Alternative meat products
Research report
27 April 2018

Meat alternatives

Eating less meat is better for your health and the environment. We looked at 14 products to find out what was in them and how well the claims stacked up.

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Dayna J.
21 Jul 2018

My partner is into her vegetarian type intake. And we both found these disgusting. the ingredients are a joke. We need to reduce carb and sugar intake full stop meat is a completely viable and sustaining food. I would like to see consumer expose the reality of low fat diets. The world is getting fatter with more medical issues. The anti meat and fat experiment has gone on way to long.

Previous member
09 Jun 2018
Meat Alternatives

I don' understand why meat eaters alone were used for this trial. I believe the products would appeal more to vegetarians/vegans so obviously meat eaters aren't going to be impressed. As a vegetarian I tried the chicken product (even though it was very expensive!) and found it awful, mainly because of the flavouring which was not nice at all. If something isn't going to taste nice I don't see the point - likewise I don't see the point of trying to make something 'like meat'.

Previous member
20 May 2018
Meat Alternatives

I found your article on Meat alternatives very well set out with regard to price & dietary attributes. However for the New Zealand consumer of ruminant protein worried by their environmental foot print it was highly misleading.
The international studies of beef’s environmental foot print almost exclusively deal with feed lot beef. This is understandable since grass-fed beef only makes up a tiny proportion of the traded beef in the world. However, domestic beef in NZ is almost exclusively grass feed .
As you point out meat alternatives are produced from Soy and other food crops. While eating food crops ourselves is way more efficient than feeding them to ruminants, then eating the ruminant; replacing grass-fed meat with meat alternatives is untenable because this “meat” is primarily produced from soy. Soya beans have to be grown on cultivatable land and the world is short of land able to be cultivated sustainably.
Most of New Zealand’s mutton and beef is produced on land too steep to cultivate. If the meat produced on the 5.6 million ha. of NZ hill country were replaced with meat alternatives, the world would need to find approximately 500,000ha more of cultivatable land. The main source of new arable land is in Argentina and Brazil.
While replacing feed-lot beef with meat alternatives makes sound environmental sense; replacing grass-fed meat would have the un-intended consequence of destroying yet more of the world’s rainforests or using fragile soils not suitable for cropping. No-one should condone such an action, especially NZ consumers who have the privilege of eating grass fed beef with a healthy omega 3/omega 6 balance. Beef that is reared without the welfare issues of forcing a ruminant to eat grain, when it’s metabolism has developed to eat pasture [ the livers of animals that spend too long on a feed lot collapse]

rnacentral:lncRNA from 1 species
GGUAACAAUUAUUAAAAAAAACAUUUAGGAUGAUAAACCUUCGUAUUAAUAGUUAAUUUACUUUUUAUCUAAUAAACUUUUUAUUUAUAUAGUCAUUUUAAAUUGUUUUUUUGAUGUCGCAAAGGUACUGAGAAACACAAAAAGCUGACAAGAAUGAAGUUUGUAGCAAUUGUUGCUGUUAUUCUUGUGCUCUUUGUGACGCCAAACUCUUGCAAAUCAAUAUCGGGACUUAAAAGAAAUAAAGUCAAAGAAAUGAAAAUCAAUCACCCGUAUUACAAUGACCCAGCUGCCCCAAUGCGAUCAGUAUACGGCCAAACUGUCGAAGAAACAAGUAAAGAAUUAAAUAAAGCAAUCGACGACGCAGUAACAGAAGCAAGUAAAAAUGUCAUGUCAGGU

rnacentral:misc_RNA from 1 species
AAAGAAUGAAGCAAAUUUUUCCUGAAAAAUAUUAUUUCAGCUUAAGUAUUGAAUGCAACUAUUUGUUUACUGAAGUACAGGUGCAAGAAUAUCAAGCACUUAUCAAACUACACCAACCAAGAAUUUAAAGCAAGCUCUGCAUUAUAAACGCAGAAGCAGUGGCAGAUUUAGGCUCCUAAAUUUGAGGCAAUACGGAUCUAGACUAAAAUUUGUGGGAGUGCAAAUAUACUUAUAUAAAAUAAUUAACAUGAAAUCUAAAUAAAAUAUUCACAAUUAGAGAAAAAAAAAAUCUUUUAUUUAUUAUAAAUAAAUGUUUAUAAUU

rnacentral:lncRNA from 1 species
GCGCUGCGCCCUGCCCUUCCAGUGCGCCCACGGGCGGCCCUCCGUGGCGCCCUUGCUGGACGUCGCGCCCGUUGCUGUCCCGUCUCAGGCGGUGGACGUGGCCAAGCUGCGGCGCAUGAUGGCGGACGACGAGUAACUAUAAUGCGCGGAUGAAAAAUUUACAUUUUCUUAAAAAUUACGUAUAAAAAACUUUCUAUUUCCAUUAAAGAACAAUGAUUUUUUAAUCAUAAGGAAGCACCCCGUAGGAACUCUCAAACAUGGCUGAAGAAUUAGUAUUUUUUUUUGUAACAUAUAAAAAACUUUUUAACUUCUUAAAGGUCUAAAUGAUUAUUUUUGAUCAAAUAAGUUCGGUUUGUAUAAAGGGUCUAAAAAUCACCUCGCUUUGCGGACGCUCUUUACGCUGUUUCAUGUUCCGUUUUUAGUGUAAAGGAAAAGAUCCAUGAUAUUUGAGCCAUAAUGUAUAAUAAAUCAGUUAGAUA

Helen B.
19 May 2018
More than happy to eat these alternatives

I live in the South Island and the range of eat alternatives available is extremely limited. I am interested in trying new products as they become available in the mainstream supermarkets. Price is not an issue - I would rather pay more for plant based food than be directly responsible for the death of hundreds of animals each year. At the moment, I believe people who eat a plant based diet fare better with the cheese, yoghurt and aioli alternatives than they do with the meat alternatives.

05 May 2018

Having a vegetarian in the family his thoughts are why would you eat a meat alternative (made to look like meat) when it’s meat your not eating!

Murray C.
05 May 2018
Price is still an issue

I was going to try these substitutes last year, but when I found them in the supermarket they were up around $40-$45 per kg. Normally I find meat that is around $10-$20 per kg. That's a significant difference and for me will be a dissuading factor for some time to come.
A substitute has to be cheaper or at least similarly priced to be competitive. If I can still get the real McCoy at a cheaper price there doesn't seem to be any good reason to change.
Reasons to change:
a) The planet - if this is a problem then the price of real meat needs to rise in order to make the substitute a contender.
b) Vegetarians - eat vegetables, there's plenty of them.
PS I'm a convenient vegetarian, I generally like to have vegetarian meals at home, however I'm happy to have meat when eating / celebrating with friends and family - as a treat if you like.

Nyla S.
05 May 2018
Meat v Imitations

ex farmers ... as eaters of copious meats of all ranges ... there is nothing wrong with our health, Dad lived to be 92, eat everything we get advised not to by 'experts' ... we now eat alot less meat because now we buy it, and being retired we dont need as much food anyway, but we still buy quality meat, as you get what you pay for